Srisaket Sor Rungvisai

Alchetron

Record: 41-4-1 (38 KO) ... Streak: W14 ... Last 5: 5-0 ... Last 10: 10-0 ... Stance: Southpaw ... Height/Reach: 5'3" / 63½" ... Age: 30

Thoughts: Srisaket, the former WBC super flyweight titleholder, is on a 14-fight winning streak, but like many records from Thailand, that’s a bit of a mirage. One of those fights has any real merit to it, a TKO-4 win over Jose Salgado in May 2015. The rest are junk.

The last time Srisaket was in with a true top-flight opponent came in May 2014, when he went to Mexico to face Carlos Cuadras, in his lone title defense after beating Hirofumi Mukai for the belt in November 2013. Srisaket lost a technical decision in eight rounds, but he was competitive. So while it’s easy to dog Srisaket’s record just on what’s there and what isn’t, it’s not like he can’t fight, and his other three losses and the draw all came within his first five fights, including a defeat against Akira Yaegashi in Srisaket’s pro debut in 2009.

If Srisaket is going to win this fight, it’ll be by knockout. He doesn’t have the skill to outbox Gonzalez, a master offensive fighter whose defense is tough to break through, too. Srisaket does have power, as evidenced by his KO percentage, but it’s probably not quite as great as his KO percentage makes it seem. If he catches Gonzalez, he can stop him, but that’s easier said than done. He’s the underdog for a reason. He’s fighting the pound-for-pound best in the world.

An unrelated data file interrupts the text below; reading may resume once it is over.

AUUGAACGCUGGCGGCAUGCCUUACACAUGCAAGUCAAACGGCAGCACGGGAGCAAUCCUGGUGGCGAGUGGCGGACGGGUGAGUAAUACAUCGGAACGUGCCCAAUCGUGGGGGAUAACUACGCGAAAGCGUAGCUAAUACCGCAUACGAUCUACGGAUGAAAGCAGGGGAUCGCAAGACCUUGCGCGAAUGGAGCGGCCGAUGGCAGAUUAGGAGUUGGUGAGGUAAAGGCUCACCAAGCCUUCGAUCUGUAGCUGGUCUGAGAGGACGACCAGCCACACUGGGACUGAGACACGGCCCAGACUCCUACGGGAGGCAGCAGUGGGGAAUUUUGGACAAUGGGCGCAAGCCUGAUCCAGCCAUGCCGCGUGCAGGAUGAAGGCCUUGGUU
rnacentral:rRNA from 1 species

Matchup Grade: B-. This might be a hair generous, in all honesty, but Gonzalez fighting any kind of contender is at least a notable fight, and he doesn’t have bad fights, so how low can I really go? C+? At worst? So let’s say B-, and live our lives in a positive way.

Undercard Matchups

  • Carlos Cuadras vs Daniel Carmona: Carmona (20-3-5, 8 KO) is a tune-up opponent for Cuadras (35-1-1, 27 KO), who has a mandatory title shot rematch against Roman Gonzalez so long as he wins. He will win. Grade: C-.
  • Ryan Martin vs Bryant Cruz: Martin (17-0, 10 KO) and Cruz (17-1, 8 KO) are lightweight prospects, with Martin the obvious favorite to win here. Originally from Chattanooga and now fighting out of Cleveland, Martin is a tall (5’11”), 24-year-old lightweight with some OK wins for his level thus far. Cruz, who was stopped two fights ago in December 2015, may or may not be an actual step up, but he’s fought about the same level of competition. This is designed to be a showcase for the unbeaten Martin. Grade: C.
  • Andy Lee vs KeAndrae Leatherwood: Lee (34-3-1, 24 KO) is finally back in action, as he’ll be facing Leatherwood (19-3-1, 12 KO) in a fight obviously meant to give GGG a next New York opponent if the Canelo fight doesn’t come together. This is set for eight rounds. Lee, 32, hasn’t fought since his December 2015 loss to Billy Joe Saunders, and hasn’t won a fight since December 2014, when he rallied to stop Matt Korobov after a slow start, winning the WBO middleweight title. He should win here, but there’s going to be rust, and he’s been known to fight in spurts and giving rounds away, too. That said, if Lee wins as anticipated — and he really should, even if it takes him a bit to get going — he’ll be there as a safety net. Golovkin-Lee would draw in New York, even as a predictable sort of fight. Grade: C-.